June 21, 2017


Robert Mueller terrifies President Trump. Of course he wants him gone. (Richard Painter and Norman Eisen, June 20, 2017, USA Today)

He is about as good a special counsel as one can imagine, having bipartisan credentials and deep prosecutorial experience -- far more than the late Watergate prosecutor Archibald Cox. And Mueller is assembling a dream team of expert deputies. Of course the president would love an excuse to get rid of Mueller.

We have rebutted claims that Mueller's prior law firm affiliation posed a conflict -- under the District of Columbia's tough professional conduct rules, it does not. But Trump's surrogates continue to manufacture new and ludicrous conflict of interest claims against Mueller. One is that because he worked closely with James Comey at the FBI and because Comey is a material witness to the obstruction of justice part of the case, Mueller cannot investigate and if appropriate prosecute the obstruction of justice charge.

We are not aware of any precedent for a prosecutor being required to recuse from a case simply because a colleague who was also a law enforcement officer was a material witness in the case. Nor do the applicable rules of professional conduct for attorneys or prosecutors require it. In fact, many prosecutors are close friends with police officers, detectives, FBI agents and other law enforcement officials. Indeed, the rules even explicitly state that a lawyer can act as an advocate in a trial in which another lawyer currently in the same law firm is a witness -- so clearly, a former colleague would not be a problem. To preclude prosecutors from working on cases solely for these kinds of reasons would unduly hamper the course of justice.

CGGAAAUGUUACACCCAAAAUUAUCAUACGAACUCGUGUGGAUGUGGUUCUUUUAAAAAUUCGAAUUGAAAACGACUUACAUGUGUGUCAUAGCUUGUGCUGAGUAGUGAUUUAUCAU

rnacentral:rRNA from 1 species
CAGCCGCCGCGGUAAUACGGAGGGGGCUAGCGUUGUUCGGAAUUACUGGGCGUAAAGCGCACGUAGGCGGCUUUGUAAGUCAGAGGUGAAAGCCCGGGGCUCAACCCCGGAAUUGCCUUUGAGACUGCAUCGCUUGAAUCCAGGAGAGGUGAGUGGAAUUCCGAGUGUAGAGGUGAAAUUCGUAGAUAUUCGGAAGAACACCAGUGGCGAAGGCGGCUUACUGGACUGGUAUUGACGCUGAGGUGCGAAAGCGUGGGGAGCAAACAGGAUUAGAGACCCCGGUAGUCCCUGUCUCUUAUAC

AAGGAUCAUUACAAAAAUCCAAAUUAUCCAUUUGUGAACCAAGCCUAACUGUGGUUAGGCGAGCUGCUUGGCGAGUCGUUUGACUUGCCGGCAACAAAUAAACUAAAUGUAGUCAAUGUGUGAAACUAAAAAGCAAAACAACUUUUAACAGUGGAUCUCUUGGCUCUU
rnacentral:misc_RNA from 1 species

Another argument is that Mueller should not have hired any lawyers for his staff who made significant campaign contributions. This overlooks that Mueller himself was a registered Republican when he was appointed by President George W. Bush to head the FBI, and he was named special counsel by Trump's own deputy attorney general, Rod Rosenstein.

His critics apparently feel that Mueller has not sufficiently solidified his GOP credentials by making significant campaign contributions recently. But to them, his deeper sin is that he appointed to his staff a handful of lawyers who made contributions to Democrats. This presumably makes the entire enterprise a partisan "witch hunt."

This objection is frivolous. Presidents of both political parties have for a long time appointed campaign contributors to be U.S. attorneys and top Justice Department officials. Every American is subject to being prosecuted by these officials who were also campaign contributors to one party or the other. But a Republican special counsel who hires a handful of Democrats is presumed to be biased against the most powerful man in the country, the president? Nonsense.

...who doesn't believe that he fired Comey?

Posted by at June 21, 2017 9:01 AM